Overheard, out and about, Mrs. Grundy sees all, tells all

Published 12:00 am Saturday, October 16, 2010

Peeping through my Venetian blind, I was shocked to stare directly into a horribly distorted face, that of “Clydie” Clump. I opened my door and asked him what was going on. He had just eaten a persimmon, one not quite ripe, and was trying to compose his face before he rang my bell. Poor Clydie. I let him in for some boiled, green peanuts to get the taste of the persimmon out of his mouth. It’s funny how one green thing can be so bad and another so good.

Said I, “Clydie, you won’t need to buy a Halloween mask; just bite into another persimmon, and your reaction will make a mask for you!”

I hear that Perry’s Restaurant in Kinston at Perry’s Store is closed because the lady who ran it, Agnes Perry, became ill and later died – last Saturday. Many were used to dining at Perry’s seafood buffet Friday and Saturday nights, as well as the Sunday buffet. In my wanderings I never sat down to a buffet I enjoyed as much or rated so highly as Mrs. Perry’s Sunday buffet. Many a life will have to form different habits now that Mrs. Perry has left us. I wonder if she ever realized how many lives she affected for good. Perry’s was part of my life and the lives of countless others for decades.

Country Folks in Florala has cut out its Tuesday-night buffet and some of its noonday meals. I understand that it will be serving Fridays, Saturdays and Sundays, only.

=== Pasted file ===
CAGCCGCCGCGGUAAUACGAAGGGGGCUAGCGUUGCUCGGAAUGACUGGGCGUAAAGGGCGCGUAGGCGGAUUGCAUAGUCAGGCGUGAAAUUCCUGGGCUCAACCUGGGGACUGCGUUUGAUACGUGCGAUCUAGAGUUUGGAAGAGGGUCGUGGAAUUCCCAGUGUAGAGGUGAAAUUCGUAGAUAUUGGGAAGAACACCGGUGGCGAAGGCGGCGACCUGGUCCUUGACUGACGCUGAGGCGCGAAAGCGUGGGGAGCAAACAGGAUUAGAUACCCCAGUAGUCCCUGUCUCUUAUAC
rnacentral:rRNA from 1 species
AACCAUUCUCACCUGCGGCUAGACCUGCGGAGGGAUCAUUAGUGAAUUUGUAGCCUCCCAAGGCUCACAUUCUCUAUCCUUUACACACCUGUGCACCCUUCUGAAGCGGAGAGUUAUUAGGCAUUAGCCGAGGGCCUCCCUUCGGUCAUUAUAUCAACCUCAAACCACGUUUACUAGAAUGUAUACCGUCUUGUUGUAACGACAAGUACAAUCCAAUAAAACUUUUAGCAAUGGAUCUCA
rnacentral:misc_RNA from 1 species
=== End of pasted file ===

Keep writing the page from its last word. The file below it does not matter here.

Dr. Rex Butler, local physician, was honored Sunday night, Oct. 10, his 58th birthday, with a party hosted by his wife, Billie Jo. Family and friends gathered for a few hours of food and fellowship in Butler Hall where Dr. Butler’s children, Allen and Rexanne, joined other youngsters to sing “Happy Birthday” to their dad. Robert Lee Holley, a 1971 Andalusia High School graduate with Dr. Butler, grilled hamburgers, hotdogs and sausages for sandwiches, served with soda pop, potato salad, baked beans with beef, ham dip, corn dip, ranch dip, chips, corn-on-the-cob, birthday cake and homemade ice cream. A good time was had by all!

The Sons of Confederate Veterans, local camp, Covington Rifles, assembled for their monthly meeting Oct. 7 in the Dixon Memorial of the Andalusia Public Library. Sir Francis McGowin, commander, presided, reminding his audience of how many important dates there are in September.

Chaplain John Allen Gantt worded prayers at both the beginning and ending of the meeting.

Jimmy Barlow led in pledges to the American, Alabama, and Confederate flags.

Larry Shaw led in “Dixie.” All stood, as is traditional.

The placing of a monument in memory of Confederate soldiers from Covington County was discussed.

Joe Wingard reported that he had recently seen the original Ordinance of Secession of South Carolina in Columbia, S.C., and the sites in Charleston where the Ordinance was both passed and signed Dec. 20, l860. Wingard said that he had gone there as part of his celebration of the Sesquicentennial (150th anniversary) of the War Between the States.

The program on “Music of the Confederacy” was presented by Larry Shaw. Shaw used a cappella, taped and live piano music, giving historical facts about the songs between selections.